The questions should be how much melanoma can you pick off, and will picking at a melanoma make it spread?
For this article I consulted with Neal Schultz, MD, a dermatologist with a private practice in the NYC area, and founder of dermTV.com.
This deadliest of skin cancers doesn’t just grow on the skin surface, but below it.
“It is the remaining portion in and below the surface of the skin that has the potential to spread, and do what melanoma tragically does so often, which is kill people,” continues Dr. Schultz.
The disease kills about 10,000 Americans every year, yet it is perhaps the most curable form of cancer when caught early enough.
So how much of a melanoma can you deliberately pick off?
Well, if you go deep enough, says Dr. Schultz, you “may in fact remove the entire thing, and if it was only a ‘suspicious’ or abnormal, meaning (benign) precancerous mole, then that (precancerous) mole no longer has the ability to cause a melanoma, and the person has succeeded in permanently removing the threat of it becoming a melanoma.”
However, this never validates picking at what you suspect is melanoma.
“The problem is that there is no way of knowing without examining the specimen with a microscope, whether it’s been removed completely.”
“And if it hasn’t, then it’s even worse because the surface can heal (so there is no visible mole tissue), and the remaining abnormal mole (invisibly under the surface of the skin) continues to grow under the skin,” explains Dr. Schultz.
“And can turn into melanoma and remain undetected until it has invaded deep into the skin, which when it reaches blood or lymph vessels is how it spreads (metastasizes), which is what kills people.”
The first sites that this cancer tends to spread to are the lungs and brain.
Five-year survival rate for this disease at stage IV is 15-20 percent
10-year survival rate is 10-15 percent.
Dr. Schultz continues, “As a dermatologist who specializes in the early detection, prevention and treatment of skin cancer and especially abnormal moles and melanoma, when I examine patients and think a mole is suspicious, and I put in anesthesia and use my surgical skills to remove it, about 10 percent of the time even I don’t remove the entire abnormal mole.
“Because it had microscopic tentacles either under the skin or in the skin surrounding the visible part of the mole, not visible to the eye, which are only microscopic and that extend beyond the limits of the removal.”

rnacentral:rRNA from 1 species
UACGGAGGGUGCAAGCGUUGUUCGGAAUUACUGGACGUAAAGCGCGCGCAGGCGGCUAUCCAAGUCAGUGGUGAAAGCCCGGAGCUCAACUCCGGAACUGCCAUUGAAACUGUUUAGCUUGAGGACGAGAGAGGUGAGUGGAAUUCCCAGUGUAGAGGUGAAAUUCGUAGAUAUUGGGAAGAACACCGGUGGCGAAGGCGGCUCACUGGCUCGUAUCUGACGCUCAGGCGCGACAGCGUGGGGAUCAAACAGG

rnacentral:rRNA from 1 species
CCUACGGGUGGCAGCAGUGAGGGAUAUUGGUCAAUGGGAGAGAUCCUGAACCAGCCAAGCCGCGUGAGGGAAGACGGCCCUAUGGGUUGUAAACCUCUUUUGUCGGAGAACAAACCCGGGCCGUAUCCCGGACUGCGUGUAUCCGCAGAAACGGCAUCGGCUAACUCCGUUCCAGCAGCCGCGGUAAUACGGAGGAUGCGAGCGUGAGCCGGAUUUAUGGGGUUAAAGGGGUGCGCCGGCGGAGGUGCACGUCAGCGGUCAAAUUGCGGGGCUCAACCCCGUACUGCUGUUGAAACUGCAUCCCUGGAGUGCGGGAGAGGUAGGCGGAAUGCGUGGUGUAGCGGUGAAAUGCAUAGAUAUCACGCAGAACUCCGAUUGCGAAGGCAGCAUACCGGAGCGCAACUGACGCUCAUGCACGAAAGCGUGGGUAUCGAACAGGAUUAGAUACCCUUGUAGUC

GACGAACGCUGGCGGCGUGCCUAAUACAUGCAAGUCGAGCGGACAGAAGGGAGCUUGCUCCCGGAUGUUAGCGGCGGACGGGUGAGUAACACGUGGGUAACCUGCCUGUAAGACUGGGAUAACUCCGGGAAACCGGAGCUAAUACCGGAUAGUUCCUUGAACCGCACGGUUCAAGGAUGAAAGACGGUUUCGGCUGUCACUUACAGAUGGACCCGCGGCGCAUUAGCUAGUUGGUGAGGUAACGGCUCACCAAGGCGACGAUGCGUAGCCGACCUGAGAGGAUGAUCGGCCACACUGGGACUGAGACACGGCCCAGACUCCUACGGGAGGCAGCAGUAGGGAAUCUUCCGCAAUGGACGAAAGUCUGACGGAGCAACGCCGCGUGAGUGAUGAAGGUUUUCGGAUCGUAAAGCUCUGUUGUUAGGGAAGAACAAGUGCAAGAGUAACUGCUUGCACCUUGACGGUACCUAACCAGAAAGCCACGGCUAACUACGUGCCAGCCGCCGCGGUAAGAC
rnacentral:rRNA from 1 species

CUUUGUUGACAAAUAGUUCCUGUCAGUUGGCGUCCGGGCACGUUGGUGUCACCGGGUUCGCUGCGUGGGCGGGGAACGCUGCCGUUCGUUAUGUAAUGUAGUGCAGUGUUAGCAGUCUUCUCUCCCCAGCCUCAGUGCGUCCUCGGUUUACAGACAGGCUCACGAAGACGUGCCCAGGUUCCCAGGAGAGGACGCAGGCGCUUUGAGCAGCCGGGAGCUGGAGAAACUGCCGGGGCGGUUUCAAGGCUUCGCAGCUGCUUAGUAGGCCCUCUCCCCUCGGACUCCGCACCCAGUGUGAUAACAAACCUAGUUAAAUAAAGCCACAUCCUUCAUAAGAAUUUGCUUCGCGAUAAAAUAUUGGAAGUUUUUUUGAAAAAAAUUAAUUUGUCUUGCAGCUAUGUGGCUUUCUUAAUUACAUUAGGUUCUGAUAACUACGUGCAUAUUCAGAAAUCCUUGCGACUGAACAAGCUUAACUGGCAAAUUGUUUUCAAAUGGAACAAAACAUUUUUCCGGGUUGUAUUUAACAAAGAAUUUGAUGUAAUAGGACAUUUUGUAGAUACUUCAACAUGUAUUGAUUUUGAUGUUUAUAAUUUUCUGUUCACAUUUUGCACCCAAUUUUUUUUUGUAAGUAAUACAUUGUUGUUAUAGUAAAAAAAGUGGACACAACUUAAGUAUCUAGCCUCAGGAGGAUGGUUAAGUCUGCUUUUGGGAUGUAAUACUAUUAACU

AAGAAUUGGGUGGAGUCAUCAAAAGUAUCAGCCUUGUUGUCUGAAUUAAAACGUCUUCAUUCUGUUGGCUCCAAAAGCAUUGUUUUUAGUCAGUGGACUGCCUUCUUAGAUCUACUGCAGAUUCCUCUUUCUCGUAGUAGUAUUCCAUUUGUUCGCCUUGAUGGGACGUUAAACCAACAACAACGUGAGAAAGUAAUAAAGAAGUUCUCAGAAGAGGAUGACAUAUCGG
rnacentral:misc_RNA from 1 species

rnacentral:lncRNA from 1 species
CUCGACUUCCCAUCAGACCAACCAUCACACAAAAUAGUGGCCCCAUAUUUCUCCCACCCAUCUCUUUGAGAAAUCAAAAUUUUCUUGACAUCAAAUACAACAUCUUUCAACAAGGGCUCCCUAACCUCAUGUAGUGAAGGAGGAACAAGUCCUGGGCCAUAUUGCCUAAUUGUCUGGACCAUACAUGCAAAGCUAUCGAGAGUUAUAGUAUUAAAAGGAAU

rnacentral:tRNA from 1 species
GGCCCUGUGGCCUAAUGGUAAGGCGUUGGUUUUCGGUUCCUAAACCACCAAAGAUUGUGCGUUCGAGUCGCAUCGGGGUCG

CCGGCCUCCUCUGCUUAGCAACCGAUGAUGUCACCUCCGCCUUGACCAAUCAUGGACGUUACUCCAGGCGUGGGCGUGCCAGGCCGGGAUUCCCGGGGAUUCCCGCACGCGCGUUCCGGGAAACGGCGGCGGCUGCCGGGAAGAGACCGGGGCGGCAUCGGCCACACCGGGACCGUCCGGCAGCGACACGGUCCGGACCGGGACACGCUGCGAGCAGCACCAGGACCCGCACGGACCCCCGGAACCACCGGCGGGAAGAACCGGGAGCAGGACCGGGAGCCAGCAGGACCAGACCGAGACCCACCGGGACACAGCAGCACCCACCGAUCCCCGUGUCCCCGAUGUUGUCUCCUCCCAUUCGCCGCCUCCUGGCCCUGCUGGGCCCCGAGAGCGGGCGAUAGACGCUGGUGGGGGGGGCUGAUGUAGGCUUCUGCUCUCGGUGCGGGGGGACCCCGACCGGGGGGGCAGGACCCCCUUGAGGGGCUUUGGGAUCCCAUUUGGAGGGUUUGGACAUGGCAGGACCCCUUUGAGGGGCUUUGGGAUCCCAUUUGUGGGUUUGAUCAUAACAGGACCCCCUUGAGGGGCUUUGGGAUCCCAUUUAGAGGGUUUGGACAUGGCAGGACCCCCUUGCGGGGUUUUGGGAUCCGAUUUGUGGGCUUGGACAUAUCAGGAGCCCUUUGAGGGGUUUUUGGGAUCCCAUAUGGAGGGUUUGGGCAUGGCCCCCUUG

Dr. Schultz knows that 10 percent of the time his excision doesn’t get the tentacles because the lab report comes back with this information.
Of course, in the case of compete removals, the lab indicates this too; a complete removal of a precancerous mole means that there’s nothing left to turn into skin cancer.
But can picking at a melanoma make it spread, then?
“If you try to pick off a melanoma, and in fact only remove part of it so that you have actually cut through the melanoma, that cannot make it spread,” says Dr. Schultz.
“Similarly, if a surgeon cuts through a melanoma in the process of removing it, that cannot make it spread.
“That has been established and proven in peer review published medical studies.”
Nevertheless, don’t pick at that thing on your skin that you fear might be melanoma just because you now know that this won’t make it spread.
Dr. Schultz adds, “By the time a melanoma is raised enough for you to ‘pick off’ a part that is sticking up, it is already advanced and may have penetrated deep enough into the skin to spread, since there is a direct relationship between how raised or elevated a melanoma is and how thick (deep) it is under the skin.”
So though you yourself can’t make melanoma spread by picking at it or removing some of it with your fingernail, tweezers or razor blade, the fact that it’s elevated enough for you to do this means that it may have already spread into nearby lymph nodes.
You cannot regress the already-spread status of a melanoma by picking at just the tip of the iceberg.
If any spots on your skin have you worried, see a dermatologist, even if you don’t have medical coverage.
The 10-year survival rate for this type of skin cancer is near 100 percent when caught at stage zero.
If you have many moles, consider a cutting-edge screening tool known as serial digital dermoscopy.
Dr. Schultz has been treating his patients’ dermatologic conditions for 30+ years, with particular emphasis in skin cancer prevention and treatment, acne treatment and laser surgery.
Lorra Garrick has been covering medical, fitness and cybersecurity topics for many years, having written thousands of articles for print magazines and websites, including as a ghostwriter. She’s also a former ACE-certified personal trainer.